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On Canned Beans, Craft Supplies, and Reproductive Rights

Should we care about the politics behind our favorite products?

I’ve thought a lot about this lately, in the wake of surprising and disappointing news about one of my (formerly) favorite food companies. A Salon.com article revealed that Eden Foods  – the seemingly progressive organic food purveyor that has loudly opposed GMOs, and eliminated bisphenol a (BPA) from its can linings long before most people knew what it was – is also quietly suing the government to avoid paying for birth control for its employees.

As Salon reported, employees are covered by Blue cross/Blue Shield and, until recently, Eden was able to exclude coverage of what the insurance company terms “lifestyle drugs” like birth control. Under Obama’s Affordable Care Act, it can no longer do that. So on March 20, 2013, CEO Michael Potter filed a lawsuit against the government, joining 31 for-profit lawsuits alleging that the government is trampling on their “religious freedoms” by requiring they cover birth control, and demanding an exemption. (Craft store Hobby Lobby is also among the plaintiffs).

In its filing, Eden Foods says the company believes that birth control measures “almost always involve immoral and unnatural practices.” The complaint also says that “Plaintiffs believe that Plan B and ‘ella’ can cause the death of the embryo, which is a person.”

Potter has since backed off from the religious freedom argument, explaining his company’s stance more in terms of keeping Big Government out of his business: “I’ve got more interest in good quality long underwear than I have in birth control pills,” he later told Salon. “I don’t care if the federal government is telling me to buy my employees Jack Daniel’s or birth control. What gives them the right to tell me that I have to do that?”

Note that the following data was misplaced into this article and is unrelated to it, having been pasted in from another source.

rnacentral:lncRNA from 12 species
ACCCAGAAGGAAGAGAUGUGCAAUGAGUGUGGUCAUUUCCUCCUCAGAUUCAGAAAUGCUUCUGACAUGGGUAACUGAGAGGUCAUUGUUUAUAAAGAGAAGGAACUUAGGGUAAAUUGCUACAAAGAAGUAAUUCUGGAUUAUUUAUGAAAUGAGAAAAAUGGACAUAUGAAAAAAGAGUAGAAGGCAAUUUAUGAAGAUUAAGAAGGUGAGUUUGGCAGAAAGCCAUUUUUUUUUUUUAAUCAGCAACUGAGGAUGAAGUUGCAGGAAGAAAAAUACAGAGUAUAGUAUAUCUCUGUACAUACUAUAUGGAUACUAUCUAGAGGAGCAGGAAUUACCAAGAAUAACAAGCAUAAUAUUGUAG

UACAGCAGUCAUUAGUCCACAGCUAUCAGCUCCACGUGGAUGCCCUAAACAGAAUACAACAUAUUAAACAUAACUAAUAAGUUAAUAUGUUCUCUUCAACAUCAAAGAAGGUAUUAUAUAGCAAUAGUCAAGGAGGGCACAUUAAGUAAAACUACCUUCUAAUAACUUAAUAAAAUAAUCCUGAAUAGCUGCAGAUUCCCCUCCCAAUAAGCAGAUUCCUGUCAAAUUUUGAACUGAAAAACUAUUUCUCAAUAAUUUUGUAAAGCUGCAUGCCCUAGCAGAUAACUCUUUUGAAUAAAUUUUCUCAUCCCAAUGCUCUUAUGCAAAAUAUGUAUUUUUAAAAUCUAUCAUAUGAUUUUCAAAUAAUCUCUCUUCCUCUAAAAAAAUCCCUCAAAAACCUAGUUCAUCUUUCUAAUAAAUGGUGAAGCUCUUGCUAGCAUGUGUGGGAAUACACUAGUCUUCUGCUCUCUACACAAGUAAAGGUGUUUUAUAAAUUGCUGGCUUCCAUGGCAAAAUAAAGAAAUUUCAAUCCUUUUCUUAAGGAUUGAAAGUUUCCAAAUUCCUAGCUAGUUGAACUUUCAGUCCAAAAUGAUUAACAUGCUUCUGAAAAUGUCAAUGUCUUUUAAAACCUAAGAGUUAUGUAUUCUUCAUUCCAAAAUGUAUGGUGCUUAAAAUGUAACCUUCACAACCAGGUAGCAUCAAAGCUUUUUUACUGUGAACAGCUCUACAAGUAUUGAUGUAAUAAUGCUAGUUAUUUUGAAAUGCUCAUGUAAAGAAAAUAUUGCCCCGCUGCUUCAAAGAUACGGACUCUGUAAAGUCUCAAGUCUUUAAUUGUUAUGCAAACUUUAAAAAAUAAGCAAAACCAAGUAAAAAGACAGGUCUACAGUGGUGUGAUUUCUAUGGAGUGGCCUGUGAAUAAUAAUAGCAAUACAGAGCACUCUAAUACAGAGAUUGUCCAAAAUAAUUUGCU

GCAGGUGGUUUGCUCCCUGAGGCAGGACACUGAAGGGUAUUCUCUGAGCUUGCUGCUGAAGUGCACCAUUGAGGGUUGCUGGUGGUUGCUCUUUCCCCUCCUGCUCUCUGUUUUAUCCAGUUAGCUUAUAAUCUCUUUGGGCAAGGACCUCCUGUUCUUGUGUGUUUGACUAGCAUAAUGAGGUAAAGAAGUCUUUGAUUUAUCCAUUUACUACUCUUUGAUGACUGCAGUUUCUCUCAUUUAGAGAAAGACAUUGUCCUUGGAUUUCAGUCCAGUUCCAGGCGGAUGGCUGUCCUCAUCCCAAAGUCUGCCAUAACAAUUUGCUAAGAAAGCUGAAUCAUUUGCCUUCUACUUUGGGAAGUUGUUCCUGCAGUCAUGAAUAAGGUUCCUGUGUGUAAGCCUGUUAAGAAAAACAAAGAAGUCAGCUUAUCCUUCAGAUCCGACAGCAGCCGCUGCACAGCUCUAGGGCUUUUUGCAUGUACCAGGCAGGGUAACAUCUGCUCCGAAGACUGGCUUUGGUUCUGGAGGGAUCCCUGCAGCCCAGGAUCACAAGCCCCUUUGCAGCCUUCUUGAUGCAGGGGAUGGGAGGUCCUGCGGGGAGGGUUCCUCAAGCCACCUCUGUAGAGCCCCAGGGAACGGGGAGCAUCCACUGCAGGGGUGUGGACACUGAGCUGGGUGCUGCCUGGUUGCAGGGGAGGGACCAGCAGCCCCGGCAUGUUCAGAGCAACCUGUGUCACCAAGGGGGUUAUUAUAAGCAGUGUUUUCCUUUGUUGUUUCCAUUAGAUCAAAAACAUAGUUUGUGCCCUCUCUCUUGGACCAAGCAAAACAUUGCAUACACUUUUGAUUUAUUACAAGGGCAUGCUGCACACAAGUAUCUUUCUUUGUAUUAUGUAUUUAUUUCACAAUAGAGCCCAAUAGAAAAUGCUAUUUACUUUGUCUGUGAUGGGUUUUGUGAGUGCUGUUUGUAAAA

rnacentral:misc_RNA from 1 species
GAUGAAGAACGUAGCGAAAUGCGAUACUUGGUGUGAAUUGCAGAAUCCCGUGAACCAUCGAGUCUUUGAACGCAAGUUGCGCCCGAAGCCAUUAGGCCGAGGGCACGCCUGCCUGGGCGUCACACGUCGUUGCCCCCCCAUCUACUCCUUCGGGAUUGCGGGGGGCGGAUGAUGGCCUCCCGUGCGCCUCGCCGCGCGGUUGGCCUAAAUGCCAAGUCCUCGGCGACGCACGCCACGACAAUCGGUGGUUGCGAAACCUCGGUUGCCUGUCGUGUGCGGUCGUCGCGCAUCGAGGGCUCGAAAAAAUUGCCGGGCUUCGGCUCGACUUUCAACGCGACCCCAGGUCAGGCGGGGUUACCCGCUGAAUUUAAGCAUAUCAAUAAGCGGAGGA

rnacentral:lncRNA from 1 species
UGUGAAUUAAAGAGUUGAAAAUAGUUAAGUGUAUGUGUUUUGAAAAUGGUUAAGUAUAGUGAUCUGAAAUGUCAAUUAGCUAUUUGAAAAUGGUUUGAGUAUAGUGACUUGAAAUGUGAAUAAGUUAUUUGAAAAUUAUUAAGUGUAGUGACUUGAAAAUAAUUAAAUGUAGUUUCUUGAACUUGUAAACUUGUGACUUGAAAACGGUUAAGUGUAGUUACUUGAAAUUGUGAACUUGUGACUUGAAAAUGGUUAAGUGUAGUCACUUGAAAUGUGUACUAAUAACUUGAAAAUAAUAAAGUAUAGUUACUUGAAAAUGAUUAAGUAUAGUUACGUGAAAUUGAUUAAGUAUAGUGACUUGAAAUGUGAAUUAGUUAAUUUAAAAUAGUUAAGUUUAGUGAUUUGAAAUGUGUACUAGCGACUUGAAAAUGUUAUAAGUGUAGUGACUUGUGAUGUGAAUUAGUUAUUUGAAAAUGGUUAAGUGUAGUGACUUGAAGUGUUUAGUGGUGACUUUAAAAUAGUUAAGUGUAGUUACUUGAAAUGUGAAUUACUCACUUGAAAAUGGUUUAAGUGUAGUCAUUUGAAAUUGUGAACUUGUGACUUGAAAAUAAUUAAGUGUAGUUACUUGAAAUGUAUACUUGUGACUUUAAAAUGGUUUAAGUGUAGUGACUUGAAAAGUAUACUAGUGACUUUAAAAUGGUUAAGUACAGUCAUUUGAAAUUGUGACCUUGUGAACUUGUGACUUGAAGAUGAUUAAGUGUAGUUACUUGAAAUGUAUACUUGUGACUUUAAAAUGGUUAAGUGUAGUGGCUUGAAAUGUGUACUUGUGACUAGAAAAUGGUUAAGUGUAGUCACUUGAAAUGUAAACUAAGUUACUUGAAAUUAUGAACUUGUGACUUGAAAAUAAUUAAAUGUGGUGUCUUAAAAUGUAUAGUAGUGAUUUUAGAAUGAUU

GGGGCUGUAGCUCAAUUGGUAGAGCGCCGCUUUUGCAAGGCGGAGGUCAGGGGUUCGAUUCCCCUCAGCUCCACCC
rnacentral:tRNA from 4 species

Not surprisingly, the suit and his bizarre, inconsistent remarks have prompted a backlash among consumers, who have pelted the company Facebook Page with allegations of “misogyny” and threats of boycotts. In response to this suit and others like it, Planned Parenthood’s Cecile Richards said in a statement: “The idea that your employer could refuse to cover a prescription medication because they disagree with one of its uses — that’s unacceptable.”

So what am I, a long-time Eden Foods fan to do? It’s a tough call.

In this Internet age, when it’s easier than ever to find out what kind of corporate citizens we are buying from, I try hard to show my support with my dollar. I buy Dr. Bronner’s soap, not only because it smells really good, but also because its CEO David Bronner treats his employees fairly and generously puts his money where his mouth is – supporting initiatives to legalize hemp and promote fair trade. I drink Fat Tire Beer, not only because, well, I love beer, but also because New Belgium Brewery is doing more than most companies to reduce its greenhouse gas emissions and green its supply chain.

When it comes to Eden, the decision is undoubtedly much stickier. But as a woman who adamantly supports reproductive freedom, I can’t stomach supporting a company that would go to such lengths to deny its employees birth control – even if its products are organic and BPA-free.

From now on, I’m buying my black beans elsewhere.

Lisa Marshall is a freelance health and medical science writer in Lyons, Colo. Connect at www.lisaannmarshall.com.

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